Next to losing weight, the most popular American New Year’s resolution is to stop smoking. Most people who smoke know how bad it is for them, realize the health risks they are exposing themselves to, and feel the negative effects of smoking. Aside from the high cost of smoking, it can also increase the risk of diabetes, cause cancer, elevate blood pressure, and take years off their lives. Most smokers admit that they’d like to quit smoking and feel better, yet it is one of the hardest things to give up. New research, however, shows that it may not be their fault. The price of cigarettes isn’t the only thing that’s gone up in recent years. Many brands of cigarettes also have a higher nicotine yield, which makes it harder to quit smoking.
A new media release details a study done by the Massachusetts Department of Public Health and University of Massachusetts Medical School. The researchers found a significant increase in the amount of nicotine yielded per cigarette between 1998 and 2012. There was a 15% increase, from 1.65 mg in 1999 to 1.89 mg in 2011. Though the amount of nicotine in each cigarette has remained unchanged, the actual nicotine yield has changed. This means that the amount of nicotine in the smoke, which is also inhaled, has gone up, making each cigarette more potent and habit forming than before.
This study suggests that those who start smoking at an early age today are getting addicted to the nicotine at a faster rate than in previous years and are likely to have a harder time giving it up. Smokers appear to have again been misled. Those interested in cutting back and smoking fewer cigarettes throughout the day to try to wean themselves of their addiction wil likely find that the higher nicotine yield makes it harder to quit smoking. Smokers get the same amount of nicotine as before even when smoking fewer cigarettes. Cigarettes appear to have become even more habit forming.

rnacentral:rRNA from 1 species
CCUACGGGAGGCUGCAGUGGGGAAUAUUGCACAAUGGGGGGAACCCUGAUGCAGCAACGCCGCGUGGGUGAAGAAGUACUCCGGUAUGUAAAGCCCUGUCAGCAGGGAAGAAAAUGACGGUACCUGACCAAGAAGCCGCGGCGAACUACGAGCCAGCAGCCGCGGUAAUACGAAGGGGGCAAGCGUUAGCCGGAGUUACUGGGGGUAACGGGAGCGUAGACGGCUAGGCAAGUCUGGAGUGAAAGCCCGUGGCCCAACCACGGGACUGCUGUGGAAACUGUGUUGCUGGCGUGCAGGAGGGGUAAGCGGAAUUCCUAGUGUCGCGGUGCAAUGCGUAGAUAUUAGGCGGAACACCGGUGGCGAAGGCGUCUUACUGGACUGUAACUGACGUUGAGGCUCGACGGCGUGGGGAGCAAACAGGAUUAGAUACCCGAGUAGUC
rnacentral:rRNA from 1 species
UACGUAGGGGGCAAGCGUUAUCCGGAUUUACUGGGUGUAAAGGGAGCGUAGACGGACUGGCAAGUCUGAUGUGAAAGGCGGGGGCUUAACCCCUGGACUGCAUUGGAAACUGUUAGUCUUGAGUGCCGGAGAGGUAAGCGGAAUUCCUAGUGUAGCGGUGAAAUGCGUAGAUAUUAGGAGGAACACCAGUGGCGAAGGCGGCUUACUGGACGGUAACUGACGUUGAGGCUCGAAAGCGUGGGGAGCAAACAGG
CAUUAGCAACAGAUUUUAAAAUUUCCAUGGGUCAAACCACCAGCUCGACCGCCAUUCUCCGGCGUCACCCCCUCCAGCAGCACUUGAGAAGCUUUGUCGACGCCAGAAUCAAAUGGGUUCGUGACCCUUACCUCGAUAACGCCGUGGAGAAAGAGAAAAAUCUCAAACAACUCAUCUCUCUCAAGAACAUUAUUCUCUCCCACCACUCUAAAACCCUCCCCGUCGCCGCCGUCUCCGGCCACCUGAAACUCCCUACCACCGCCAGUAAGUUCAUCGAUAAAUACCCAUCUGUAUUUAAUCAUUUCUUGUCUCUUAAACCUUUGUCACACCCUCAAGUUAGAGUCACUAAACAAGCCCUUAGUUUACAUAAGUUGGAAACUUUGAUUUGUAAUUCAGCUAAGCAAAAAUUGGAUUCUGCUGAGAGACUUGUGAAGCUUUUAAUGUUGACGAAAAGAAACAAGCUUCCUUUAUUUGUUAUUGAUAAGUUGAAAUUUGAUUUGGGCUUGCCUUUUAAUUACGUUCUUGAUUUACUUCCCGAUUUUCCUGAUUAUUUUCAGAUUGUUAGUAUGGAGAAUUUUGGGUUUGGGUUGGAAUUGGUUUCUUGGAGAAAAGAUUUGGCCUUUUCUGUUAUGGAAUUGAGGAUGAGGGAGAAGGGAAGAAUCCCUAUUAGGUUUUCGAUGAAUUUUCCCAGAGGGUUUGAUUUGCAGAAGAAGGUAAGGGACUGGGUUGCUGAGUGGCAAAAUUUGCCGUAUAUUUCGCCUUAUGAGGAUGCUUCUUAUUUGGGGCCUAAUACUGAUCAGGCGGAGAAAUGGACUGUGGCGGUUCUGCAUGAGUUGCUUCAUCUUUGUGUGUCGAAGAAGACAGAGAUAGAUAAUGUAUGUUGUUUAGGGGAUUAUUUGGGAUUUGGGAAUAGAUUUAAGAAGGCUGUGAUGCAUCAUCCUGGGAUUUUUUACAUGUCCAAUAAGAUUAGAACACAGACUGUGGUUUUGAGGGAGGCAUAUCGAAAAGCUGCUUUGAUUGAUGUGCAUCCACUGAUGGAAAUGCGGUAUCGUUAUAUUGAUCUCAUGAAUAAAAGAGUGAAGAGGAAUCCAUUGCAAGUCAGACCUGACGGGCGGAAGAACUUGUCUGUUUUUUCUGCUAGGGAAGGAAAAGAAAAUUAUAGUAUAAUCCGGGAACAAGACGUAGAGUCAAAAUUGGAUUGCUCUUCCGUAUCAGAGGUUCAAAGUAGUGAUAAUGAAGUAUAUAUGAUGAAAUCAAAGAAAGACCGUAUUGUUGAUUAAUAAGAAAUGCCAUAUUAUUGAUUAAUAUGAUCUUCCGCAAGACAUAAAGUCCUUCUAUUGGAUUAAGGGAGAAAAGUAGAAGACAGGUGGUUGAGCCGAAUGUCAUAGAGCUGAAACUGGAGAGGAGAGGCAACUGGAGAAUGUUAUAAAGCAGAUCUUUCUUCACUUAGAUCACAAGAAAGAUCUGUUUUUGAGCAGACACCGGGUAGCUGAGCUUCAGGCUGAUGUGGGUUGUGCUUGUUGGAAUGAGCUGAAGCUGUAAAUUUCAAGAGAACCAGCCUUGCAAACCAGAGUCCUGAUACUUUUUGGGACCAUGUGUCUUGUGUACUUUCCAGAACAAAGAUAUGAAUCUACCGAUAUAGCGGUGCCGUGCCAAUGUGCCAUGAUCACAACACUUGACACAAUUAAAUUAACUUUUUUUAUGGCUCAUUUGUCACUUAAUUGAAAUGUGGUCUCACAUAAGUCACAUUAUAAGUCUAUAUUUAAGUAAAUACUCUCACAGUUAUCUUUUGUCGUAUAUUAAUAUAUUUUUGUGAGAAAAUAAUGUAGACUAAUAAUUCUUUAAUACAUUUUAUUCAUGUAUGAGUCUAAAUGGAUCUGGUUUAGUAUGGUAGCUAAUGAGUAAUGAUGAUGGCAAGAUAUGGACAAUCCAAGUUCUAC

Cigarette manufacturers deny the claims that they’ve increased the nicotine yield in cigarettes in recent years to boost sales. They blame the difference on changes in agriculture. The potential problem with this theory is that nicotine changes were not consistent among all brands of cigarettes. Newport, Camel, and Doral demonstrated the higher levels of nicotine yield, while Marlboro didn’t show any increase. If agricultural changes were to blame, it seems that it would be evident in all forms of tobacco.
Another study was published in the journal Nicotine and Tobacco Research that is consistent with these findings and researchers in that study suggests that Food and Drug Administration regulations are necessary to ensure that the same standards are used across the board. The bottom line is that consumers are responsible for making their own decisions and if they are to be able to make informed decisions, it is important for them to know that the products are changing.
Higher nicotine yield makes it harder to quit smoking, but that doesn’t mean it can’t be done. While going cold turkey, using cessation aids, or using e-cigarettes may be an option for some people, perhaps smoking half a cigarette at a time could cut back on the amount of nicotine inhaled in order to wean themselves off of it and kick the habit.
By Tracy Rose